Dimebag Darrell of Pantera almost singlehandedly put Randall Amplifiers on the map, using their RG-80, RG-100 and Century 200 solid-state heads to sculpt his singularly punishing signature tone. These early Randalls, fetchingly upholstered in gray marine carpeting, were quite groundbreaking in the early eighties, largely due to the shocking amount of gain they could produce. And unlike many early solid-state amps, this gain had a smooth, musical quality that was complemented by the amp's tight, punchy low end. They also had a pristine clean sound, which, in conjunction with the meaty distortion capabilities, made these amps a big hit with eighties shredder types like George Lynch of Dokken infamy. As further evidence that these pioneering transistor amps were no joke, Don Randall, the founder and namesake of Randall Amplifiers, was previously a high-level manager at Fender, working closely with Leo himself to bring products like the Stratocaster, Telecaster, Twin Reverb, and Bassman to fruition. Apparently Don had always harbored a lingering affection for solid-state designs, and after leaving Fender he went right to work building a better solid-state guitar amp.


Lab Series Amplifiers

Lab Series L3 1x12 Combo

The Lab Series amps were built by Norlin, which was the parent company of both Gibson and Moog in the mid-to-late 1970's, and were intended to be a very technically advanced, high-end line of solid-state amplifiers. That concept may sound comical now, but the Lab Series amps were packed with features, impeccably built, and designed by none other than that late, great American genius, Bob Moog. Lab Series amps have excellent clean and drive tones, complex equalization and tone filtering controls, and very good onboard compression and reverb. They are known for their powerful output as well, and were some of the first solid-state amps whose power and volume was actually equivalent to a similarly rated tube amp. The Lab Series were used and endorsed by a wide range of players in their heyday, including Allan Holdsworth, Ty Tabor of King's X, and even B.B. King.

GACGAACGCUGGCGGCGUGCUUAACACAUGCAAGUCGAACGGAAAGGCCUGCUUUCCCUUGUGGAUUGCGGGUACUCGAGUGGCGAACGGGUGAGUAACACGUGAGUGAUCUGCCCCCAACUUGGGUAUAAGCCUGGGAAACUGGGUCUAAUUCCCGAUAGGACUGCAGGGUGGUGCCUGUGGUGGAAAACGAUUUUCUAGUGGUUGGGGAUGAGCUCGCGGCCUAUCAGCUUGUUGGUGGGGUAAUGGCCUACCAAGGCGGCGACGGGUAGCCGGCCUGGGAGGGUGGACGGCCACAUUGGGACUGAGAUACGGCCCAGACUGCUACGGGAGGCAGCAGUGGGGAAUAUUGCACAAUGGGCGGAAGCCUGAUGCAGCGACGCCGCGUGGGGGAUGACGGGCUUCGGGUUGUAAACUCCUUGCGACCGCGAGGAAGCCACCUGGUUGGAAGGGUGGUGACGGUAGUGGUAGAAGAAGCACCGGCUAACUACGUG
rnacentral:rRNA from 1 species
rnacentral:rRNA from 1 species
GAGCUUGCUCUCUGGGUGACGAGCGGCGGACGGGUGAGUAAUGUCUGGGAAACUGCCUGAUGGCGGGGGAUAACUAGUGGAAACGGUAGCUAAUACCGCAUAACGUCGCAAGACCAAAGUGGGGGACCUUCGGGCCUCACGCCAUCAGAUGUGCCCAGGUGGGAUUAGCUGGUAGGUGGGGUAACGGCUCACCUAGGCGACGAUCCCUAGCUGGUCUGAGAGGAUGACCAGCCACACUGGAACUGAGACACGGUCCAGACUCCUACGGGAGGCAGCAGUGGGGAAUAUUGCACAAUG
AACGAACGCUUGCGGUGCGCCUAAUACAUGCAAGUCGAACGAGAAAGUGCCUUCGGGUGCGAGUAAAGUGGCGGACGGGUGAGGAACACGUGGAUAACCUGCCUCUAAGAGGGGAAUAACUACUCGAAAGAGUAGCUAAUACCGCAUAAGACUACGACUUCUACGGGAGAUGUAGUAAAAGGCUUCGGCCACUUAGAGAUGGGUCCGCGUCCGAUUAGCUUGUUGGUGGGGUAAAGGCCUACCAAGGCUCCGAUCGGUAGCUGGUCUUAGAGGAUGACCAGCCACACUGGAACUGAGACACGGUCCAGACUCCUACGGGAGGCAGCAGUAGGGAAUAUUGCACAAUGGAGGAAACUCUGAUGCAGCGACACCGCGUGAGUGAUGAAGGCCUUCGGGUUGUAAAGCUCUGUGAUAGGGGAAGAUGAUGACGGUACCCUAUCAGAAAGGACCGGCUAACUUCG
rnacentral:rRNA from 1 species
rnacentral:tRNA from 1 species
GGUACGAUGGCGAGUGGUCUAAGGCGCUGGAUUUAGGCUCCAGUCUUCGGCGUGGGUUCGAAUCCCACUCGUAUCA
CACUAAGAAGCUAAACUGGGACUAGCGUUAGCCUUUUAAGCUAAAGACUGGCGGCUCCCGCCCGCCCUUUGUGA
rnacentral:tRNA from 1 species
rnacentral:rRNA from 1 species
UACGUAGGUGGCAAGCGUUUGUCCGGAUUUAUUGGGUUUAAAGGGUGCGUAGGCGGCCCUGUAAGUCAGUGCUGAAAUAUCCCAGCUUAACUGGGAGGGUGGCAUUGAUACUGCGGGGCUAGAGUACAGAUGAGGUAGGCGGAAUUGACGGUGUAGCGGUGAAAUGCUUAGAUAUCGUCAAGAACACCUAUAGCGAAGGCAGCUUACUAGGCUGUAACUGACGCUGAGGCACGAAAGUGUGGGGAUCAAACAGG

Quilter Labs Amplifiers

Quilter Tone Block 200

Quilter Labs is a company that is truly at the forefront of modern solid-state guitar amplification. While most of its competitors are focused on digital modeling, Quilter is keeping it real, so to speak, with innovative, analog, Class D solid-state designs. Quilter's specialty is building small, lightweight, highly portable amplifiers with excellent tone and tons of output. The Tone Block 200 (reviewed in Tone Report issue 15) typifies this design concept, with a whopping 200 watts of loud packed into a rugged housing that's about the size of a dual-channel overdrive pedal. It is an absurdly compact amp with simple, useful controls, and it makes an incredible platform for the pedal geek, due to its abundance of clean headroom, flexible contour control, and solid tonal foundation. If any company today can make solid-state amps respectable, it's Quilter Labs.


The non-sucking solid-state amps I've listed here are but a few of the many fine examples in existence, including both obscure vintage models and current production units. The key to understanding and loving these rugged, reliable, and unique tone tools is not to continually compare them to their valve powered brethren, but to evaluate and appreciate them based on their own strengths and merits. These amplifiers deserve respect, and despite decades of disdain, ignorance, and abuse hurled their way, these transistor-souled sonic misfits will have their day.